The perception of the economy is highly dependent upon where one lives. Residing in one of the coastal cities, residents see more positive view of the economy, as size of market, economic diversity, and public spending offset weaknesses. In rural America, the perception may be lackluster, given the reliance on a single major industry or employer. Furthermore, the public policy implemented to halt losses following the financial crisis and stimulate growth did much to improve the condition for one set of communities, while the other is still in need.
Outside the coastal cities, dominated by finance, entertainment, tourism, and other industries, main street communities heavily rely on industries like agriculture, manufacturing, and energy to fill non-government employment. All labor intensive industries in a national economy that is becoming less `attractive to labor intensive businesses. Under the public policy currently in place, hiring and operations is restricted from its full potential, keeping many Americans on the sideline. In order to expand the recovery across the entire nation, public policy needs to focus on improving our economic competitiveness and attraction for growth, while balancing quality of life and environmental concerns.
The United States cannot afford to lose economic sectors like manufacturing, agriculture, or energy. Not only for the impact on employment, but for our economy’s collective skill set. To protect these fields, public policy approaches need to focus on reducing the cost of operations and clearing obstacles that drives these fields to other markets. There is opportunity in order to make our economic more financially viable for producers and reduce bureaucratic hurdles that only promotes corporatism, hurting small business growth.
The most practical step forward would be enacting reasonable corporate tax reform, reducing the corporate rates to a more competitive global position. Currently, corporations domiciled in the United States pay the highest tax rate in the industrialized world. Bringing the United States toward the middle of the rankings eliminates input costs, making domestic production more attractive. Furthermore, the growth in tax inversions will subside on tax basis. The United States possesses a highly skilled workforce, vibrant private sector, and strong innovation. Taxes should not force global producers to settle for less.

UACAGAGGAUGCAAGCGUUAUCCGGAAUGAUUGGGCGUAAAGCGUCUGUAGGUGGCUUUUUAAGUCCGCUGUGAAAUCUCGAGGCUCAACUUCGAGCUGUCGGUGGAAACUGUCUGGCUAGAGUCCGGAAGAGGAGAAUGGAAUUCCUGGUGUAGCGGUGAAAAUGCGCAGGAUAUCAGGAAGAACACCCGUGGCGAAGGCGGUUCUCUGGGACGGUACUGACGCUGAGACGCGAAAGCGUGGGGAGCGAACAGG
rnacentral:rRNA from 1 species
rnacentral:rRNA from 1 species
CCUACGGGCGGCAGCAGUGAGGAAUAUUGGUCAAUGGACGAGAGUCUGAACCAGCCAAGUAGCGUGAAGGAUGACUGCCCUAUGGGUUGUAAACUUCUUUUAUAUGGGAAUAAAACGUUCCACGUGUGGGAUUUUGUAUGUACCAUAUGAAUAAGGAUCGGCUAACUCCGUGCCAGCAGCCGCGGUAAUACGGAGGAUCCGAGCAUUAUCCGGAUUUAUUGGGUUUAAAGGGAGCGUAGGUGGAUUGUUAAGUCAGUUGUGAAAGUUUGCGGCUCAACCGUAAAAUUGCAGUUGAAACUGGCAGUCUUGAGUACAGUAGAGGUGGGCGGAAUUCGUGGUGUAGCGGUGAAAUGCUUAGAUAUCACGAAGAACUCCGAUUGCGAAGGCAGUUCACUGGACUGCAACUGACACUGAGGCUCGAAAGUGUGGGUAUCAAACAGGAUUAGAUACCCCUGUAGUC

The concern for some is the potential impact on our national debt and government revenues. Considering the stimulating effect of tax cuts, economic growth can lead to higher revenue and greater ability to reduce debt. Reducing costs stimulates corporate investments in growth, labor, and infrastructure, which positively grows revenues and profitability. Since corporate profits serve as taxable income, greater profits leads to higher revenue. Also, growth tends to lead to greater employment, lessening dependency on government programs that bloat the budget. The focus should be on ensuring cuts are reasonable or done over time.
Another opportunity to make progress would be to streamline regulations and reduce impact. Consumer protection is important in our economy, but many regulations are politically focused and harm consumers in the long run. Consider regulatory reform enacted in financial services, energy, and health care, as efforts to protect consumers created other harms to consumers. Many of these regulations increased cost, reduced competition, and grew corporatism, all of which supporters aimed to avoid.
The cost of compliance is burden that undoubtedly makes its way to the consumer. In the aforementioned industries, the cost of compliance led to consolidation of providers, elimination of popular offerings, and reduced competition, leading to higher cost. Facing the higher operating costs, many providers sought mergers to achieve profitability through scale, reducing the ability for small non-corporate providers to compete. In energy, regulations inhibited production, without a scalable viable alternative, reducing employment and increasing energy costs.
Regulations are important, but so is the consideration of market impact and long term impact on consumers. The United States does not operate in isolation. Creating a toxic regulatory environment combined with heavy tax burdens, leads producers to look elsewhere to drive growth and profitability. Consumers are not protected in economies with low employment and high cost markets. Policymakers need to balance economic competitiveness and outcomes in rule creation.
The United States is shifting towards more service focused economy, but can continue to be a global provider as well. In reality, our quality, innovation, and productivity is among the best in the world. But, cost of operation is an issue. Policymakers need to enact market policies that ensures our ability to attract capital, grow exports, and utilize labor. Investors and producers should not have to settle for lower quality due to factors that are in our control. Proper public policy can change this.